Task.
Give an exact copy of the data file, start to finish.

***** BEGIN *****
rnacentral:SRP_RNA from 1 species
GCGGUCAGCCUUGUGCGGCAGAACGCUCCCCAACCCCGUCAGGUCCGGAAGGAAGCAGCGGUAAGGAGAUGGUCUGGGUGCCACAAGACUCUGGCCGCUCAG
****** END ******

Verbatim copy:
rnacentral:SRP_RNA from 1 species
GCGGUCAGCCUUGUGCGGCAGAACGCUCCCCAACCCCGUCAGGUCCGGAAGGAAGCAGCGGUAAGGAGAUGGUCUGGGUGCCACAAGACUCUGGCCGCUCAG